Virident speeds up telco billing queries

Editor:- June 19, 2012 - That legacy versus new dynasty thing as a way of viewing different SSD companies - is illustrated in a quote from a customer of Virident Systems - mentioned in a press release today.

"We needed to eliminate the disk-drive bottleneck without changing the architecture of the billing system or the customer-care interface," said David Fruin, VP of engineering at Vail Systems - a conferencing technology services provider - which processes more than 48 million billing records a day on Microsoft SQL Server.

Vail Systems improved their response times by an order of magnitude and more than doubled their ability to handle more customers by using Virident's FlashMAX PCIe SSDs to accelerate their systems "without requiring any other changes".

Editor's comments:- "SSDs accelerate telco system" stories are as old as the hills. But what's interesting about this example from Virident is it shows that PCIe SSDs can do useful work in high availability environments which are usually regarded as the exclusive domain of SAN based SSDs. Those PCIe OR rackmount SSD use case distinctions aren't as rigid as some people think.

CWCDS offers 5TB version of SANbric SSD JBOD

Editor:- June 19, 2012 - today Curtiss-Wright Controls Defense Solutions announced a new version of its FC compatible SSDs the SANbric which supports just under 5TB and weighs about 5 lbs and is designed for deployment in high speed rugged data streaming apps such as on-board wide body aircraft, and helicopter platforms.

STEC is doing better at enterprise marketing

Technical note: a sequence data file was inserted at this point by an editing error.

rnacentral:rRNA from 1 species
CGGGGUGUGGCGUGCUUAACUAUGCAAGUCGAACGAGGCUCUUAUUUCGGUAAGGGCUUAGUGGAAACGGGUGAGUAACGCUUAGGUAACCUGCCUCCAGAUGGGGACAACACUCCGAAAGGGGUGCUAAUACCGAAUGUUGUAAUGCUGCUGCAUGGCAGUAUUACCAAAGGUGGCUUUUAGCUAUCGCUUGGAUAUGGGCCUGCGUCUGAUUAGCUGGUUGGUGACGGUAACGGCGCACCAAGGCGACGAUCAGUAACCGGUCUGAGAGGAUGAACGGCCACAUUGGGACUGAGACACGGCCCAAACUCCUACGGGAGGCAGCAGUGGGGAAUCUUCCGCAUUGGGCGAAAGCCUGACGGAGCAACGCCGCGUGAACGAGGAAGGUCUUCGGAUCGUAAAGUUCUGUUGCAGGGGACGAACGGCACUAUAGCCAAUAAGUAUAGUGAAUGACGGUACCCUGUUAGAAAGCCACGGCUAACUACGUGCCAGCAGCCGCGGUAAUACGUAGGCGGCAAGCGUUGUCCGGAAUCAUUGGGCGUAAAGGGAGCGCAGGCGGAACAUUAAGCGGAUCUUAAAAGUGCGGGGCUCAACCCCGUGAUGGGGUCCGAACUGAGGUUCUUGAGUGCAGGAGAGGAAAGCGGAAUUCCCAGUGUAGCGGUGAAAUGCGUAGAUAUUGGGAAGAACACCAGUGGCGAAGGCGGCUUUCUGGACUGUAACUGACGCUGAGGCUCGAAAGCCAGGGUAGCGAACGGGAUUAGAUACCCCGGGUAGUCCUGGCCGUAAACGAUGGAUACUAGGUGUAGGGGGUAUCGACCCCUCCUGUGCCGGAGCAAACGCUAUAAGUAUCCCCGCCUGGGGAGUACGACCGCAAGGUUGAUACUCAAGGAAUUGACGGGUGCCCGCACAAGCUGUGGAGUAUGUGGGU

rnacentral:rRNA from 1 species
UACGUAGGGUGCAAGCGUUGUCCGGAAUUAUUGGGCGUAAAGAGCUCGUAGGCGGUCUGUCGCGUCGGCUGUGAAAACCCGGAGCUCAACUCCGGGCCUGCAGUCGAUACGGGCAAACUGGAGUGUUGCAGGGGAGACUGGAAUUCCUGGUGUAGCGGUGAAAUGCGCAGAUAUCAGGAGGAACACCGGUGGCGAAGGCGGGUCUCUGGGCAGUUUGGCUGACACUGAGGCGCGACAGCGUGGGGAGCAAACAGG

Editor:- June 18, 2012 - Extrapolating too far from small data samples is dangerous - and the warnings I give about this in the monthly real-time updates to the quarterly Top SSD Companies List - takes up almost as much space as the list itself.

But when - what appears to be - a small movement for a company in the top 5 end of the list is accompanied by a narrative of significant market activities - then I think it's worth sticking my neck out and mentioning it.

So I'm going to say something positive about STEC - and specifically about the way they interact with the SSD market via their routes to market and general marketing.

Long time readers of the mouse site (as well as investors) have for the past few years seen this company lose its way through what I interpreted as being an outmoded way of doing business - which was suboptimum for the enterprise SSD market. As a result of those factors (over reliance on too small a customer base, being difficult to do business with, and being out of touch with enterprise user adoption trends such as PCIe SSDs) STEC's quarterly SSD revenue approximately halved in the 2 year period from early 2010 to 2012 - at a time when the available enterprise market quadrupled.

I've written more than enough about that in the past and am not going to repeat the analysis here.